Tuesday, March 24, 2015

Humble Pie Housekeeping

There was a strange man by our mailbox when we got home one Sunday. He coolly sat there watching us pull into our driveway, his white sedan near where weeds were choking the landscaping rocks. The guy kind of looked like my husband Matthew, but my husband was golfing that afternoon.

I was on to this guy - whatever he was trying to pull by resembling my husband. I told the kids, "Nobody move. Don't get out of the van until I see what he's about."

So we parked and didn't move until the man casually emerged from his vehicle, and my oldest son Berto cried, "It's Uncle Tim!"

Then the doors were pushed open, and the kids sprinted down the driveway. I had forgotten my husband said he might come by, and sirens whistled in my head as I desperately tried to think with a dumb smile on my face, WHAT DOES THE HOUSE LOOK LIKE?

Yes, what does the house look like? So many times in my life I've asked myself this sorry question. I've had my share of humble pie at the hands of unexpected visitors.

I mean, sure, when you're deadly ill, being rushed to the hospital, you can let the shame go reasonably well when your friends come to watch the kids in your smelly, disheveled home. After all, they can't judge you too harshly while your fate seems uncertain. And when the repair man comes for the AC unit, puts on his little booties so as not to mark your juice-smeared floor, and you realize you forgot to cover the duct tape that holds your couch together at the seam, you can trust you won't see him again...or you can logically explain that your couch hasn't reached its 15 years of mandatory service yet, and you're not cheap - really!- just frugal and resourceful. Then you can ask if he watches the Red Green show.

But when your brother-in-law walks into your littered home and sees St. Paddy's Day signs waving in the vented breeze, wishing him the luck of the Irish in late April, you have little option but to joke as you turbo-sweep and straighten the clutter about his feet, "Come back in July, and we'll have the Easter signs up!"

And he glibly responds with, "And by Christmas, Halloween!"

Worse is the exposure of your poor housekeeping methods at the hands of expected visitors. A dear friend comments every time she enters your door, "I'm so glad your home is cluttered like ours - stuff everywhere!", and you comfort yourself that you're a reality ambassador, spreading cheer and lowering expectations. Party guests innocently open the microwave, believing you maintain your appliances, and find what looks like a hideous laboratory from a horror film, so you try to show appropriate horror and blame it on the kids' experiments in blowing up spaghetti. Your father-in-law uses your master bath and is greeted by feminine unmentionables dangling from the doorknob (You're not overly proud of them; you just think they add that extra something to the décor.) and bits of mustache trimmings in the sink. Too late at night, you pull out the bed from the sleeper sofa to make it up for relatives, and they jump back with an, "Oh my gosh!" and then giggle and point at What Lies Beneath, awed by the magnitude of the decaying debris. You can grumble that you cleaned under there only a few weeks ago as you fetch the vacuum, but they won't believe you.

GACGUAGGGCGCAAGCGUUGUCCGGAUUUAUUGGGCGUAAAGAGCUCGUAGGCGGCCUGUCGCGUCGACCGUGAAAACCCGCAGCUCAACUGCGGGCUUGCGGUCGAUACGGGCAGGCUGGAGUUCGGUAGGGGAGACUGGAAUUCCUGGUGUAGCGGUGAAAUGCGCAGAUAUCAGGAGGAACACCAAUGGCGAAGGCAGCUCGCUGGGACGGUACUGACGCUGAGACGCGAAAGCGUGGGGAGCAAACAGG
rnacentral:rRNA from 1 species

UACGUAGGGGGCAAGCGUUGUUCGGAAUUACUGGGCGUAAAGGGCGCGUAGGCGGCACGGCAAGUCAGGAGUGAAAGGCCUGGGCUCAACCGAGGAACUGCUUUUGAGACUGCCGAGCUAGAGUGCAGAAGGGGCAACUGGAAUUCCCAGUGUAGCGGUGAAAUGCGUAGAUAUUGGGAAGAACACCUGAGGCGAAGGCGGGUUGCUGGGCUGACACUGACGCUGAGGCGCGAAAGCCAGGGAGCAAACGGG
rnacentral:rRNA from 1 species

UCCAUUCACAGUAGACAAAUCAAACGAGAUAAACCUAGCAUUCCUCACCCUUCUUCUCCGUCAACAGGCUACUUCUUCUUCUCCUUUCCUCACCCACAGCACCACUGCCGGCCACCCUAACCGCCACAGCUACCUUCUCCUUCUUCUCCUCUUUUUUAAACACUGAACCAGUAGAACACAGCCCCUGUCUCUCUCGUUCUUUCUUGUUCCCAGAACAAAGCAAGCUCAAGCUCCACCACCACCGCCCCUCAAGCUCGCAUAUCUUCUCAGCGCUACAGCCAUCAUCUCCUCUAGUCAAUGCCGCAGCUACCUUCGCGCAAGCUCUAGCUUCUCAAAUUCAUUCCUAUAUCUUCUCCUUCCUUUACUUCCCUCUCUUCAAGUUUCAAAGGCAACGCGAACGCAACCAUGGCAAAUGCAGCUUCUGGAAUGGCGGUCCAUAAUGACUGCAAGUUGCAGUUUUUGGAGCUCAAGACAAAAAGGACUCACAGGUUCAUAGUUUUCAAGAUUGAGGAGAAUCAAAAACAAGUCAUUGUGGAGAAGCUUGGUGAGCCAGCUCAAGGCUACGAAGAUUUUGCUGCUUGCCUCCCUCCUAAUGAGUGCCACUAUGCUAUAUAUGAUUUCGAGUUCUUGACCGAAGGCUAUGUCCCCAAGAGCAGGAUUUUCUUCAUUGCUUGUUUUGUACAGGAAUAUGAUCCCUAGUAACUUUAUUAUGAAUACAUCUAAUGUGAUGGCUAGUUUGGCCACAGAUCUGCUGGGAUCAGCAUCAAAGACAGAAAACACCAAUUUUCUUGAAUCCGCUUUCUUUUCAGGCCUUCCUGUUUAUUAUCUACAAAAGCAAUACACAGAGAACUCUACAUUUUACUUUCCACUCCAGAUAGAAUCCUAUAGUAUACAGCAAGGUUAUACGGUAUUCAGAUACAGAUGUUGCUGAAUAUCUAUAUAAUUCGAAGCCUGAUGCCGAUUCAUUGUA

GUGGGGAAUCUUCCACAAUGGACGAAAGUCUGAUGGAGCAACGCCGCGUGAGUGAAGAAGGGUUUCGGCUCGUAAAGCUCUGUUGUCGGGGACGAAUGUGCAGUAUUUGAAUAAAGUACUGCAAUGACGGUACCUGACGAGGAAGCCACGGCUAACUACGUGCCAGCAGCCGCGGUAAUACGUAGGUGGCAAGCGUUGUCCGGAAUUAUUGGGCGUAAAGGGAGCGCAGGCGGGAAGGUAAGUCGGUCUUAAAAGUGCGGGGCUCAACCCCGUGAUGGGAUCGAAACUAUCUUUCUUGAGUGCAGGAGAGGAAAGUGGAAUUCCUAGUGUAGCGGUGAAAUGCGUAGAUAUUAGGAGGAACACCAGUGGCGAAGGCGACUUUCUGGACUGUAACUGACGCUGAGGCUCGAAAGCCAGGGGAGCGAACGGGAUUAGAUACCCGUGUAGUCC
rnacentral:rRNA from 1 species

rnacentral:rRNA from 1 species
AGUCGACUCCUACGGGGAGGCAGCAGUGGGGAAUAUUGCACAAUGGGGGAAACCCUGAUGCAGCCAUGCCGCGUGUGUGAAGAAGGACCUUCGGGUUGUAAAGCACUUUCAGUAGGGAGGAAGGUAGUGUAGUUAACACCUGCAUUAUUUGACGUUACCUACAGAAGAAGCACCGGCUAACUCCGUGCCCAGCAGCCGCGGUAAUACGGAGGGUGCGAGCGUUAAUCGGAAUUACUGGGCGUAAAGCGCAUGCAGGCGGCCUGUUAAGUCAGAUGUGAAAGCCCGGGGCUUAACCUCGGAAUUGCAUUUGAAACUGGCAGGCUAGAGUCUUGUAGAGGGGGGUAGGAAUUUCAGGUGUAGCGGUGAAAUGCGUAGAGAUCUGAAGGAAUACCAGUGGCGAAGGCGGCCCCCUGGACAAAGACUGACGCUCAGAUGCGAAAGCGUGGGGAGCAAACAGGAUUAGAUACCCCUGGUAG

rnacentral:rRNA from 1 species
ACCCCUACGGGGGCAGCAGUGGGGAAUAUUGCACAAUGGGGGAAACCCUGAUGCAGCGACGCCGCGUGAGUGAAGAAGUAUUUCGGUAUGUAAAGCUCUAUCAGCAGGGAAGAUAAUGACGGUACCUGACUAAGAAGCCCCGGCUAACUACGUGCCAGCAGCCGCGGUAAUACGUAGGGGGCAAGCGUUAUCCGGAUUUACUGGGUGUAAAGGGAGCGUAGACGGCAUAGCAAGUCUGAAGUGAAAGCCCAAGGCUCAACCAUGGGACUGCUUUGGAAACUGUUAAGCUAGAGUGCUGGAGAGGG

It's always something that you forgot to hide or clean. Humiliation is just a pair of thongs or a moldy, forgotten sippy cup away.

I used to be prouder of my home...before I had kids and lost a critical, maybe fatal, amount of sleep. I used to make huge, long lists, weeks before entertaining, that included such ridiculous items as these:

Mop floors

Dust ceiling fans and pictures

Polish table, chairs and hutch with olive oil/lemon juice

Mow lawn

Remove bras from bathroom doorknobs

Clear off entertainment center and book shelves

Now my list looks like this:

Try to sweep

Load dishwasher if possible

Hide laundry

Comb hair

Take a nap

Perhaps someday I'll get back to mopping floors with more than wet paper towels stuck to the bottoms of my feet, polishing furniture until I can see my haggard face in it and scrubbing bathrooms every Tuesday morning, but right now I'm tired, and sick of society telling me what the perfect house should look like. Houses come in all shapes and sizes, darnit, and different levels of disorder, decay and maltreatment by dwellers, and I'll take mine as it is, so lived in it's beautiful, with a slice of humble pie to stay.

This post was originally published on this blog in July 2013.


  1. One of my all-time favorites, Hoodoo.

  2. I love this. What's really bad is I work as a housekeeper and my house is...not that clean. By the time I go clean somebody else's house, then get home and have to take care of the kids, I just don't have the energy to make mine sparkle! I so sympathize!

    1. Ah, thanks, Amy. That is comforting to hear. I don't know how you do all you do and still find time to write. Good for you!

      And thank you for reading!

  3. Funny and spot on! I remember the daus before kids when Chip and I had Saturday cleaning day and then went out to dinner. BWHAHAHA, a distant memory. Holly

    1. Yes, distant memory. I remember taking an hour or more to scrub the bathroom. Now: wipe it down in a flash and get out of there pronto!


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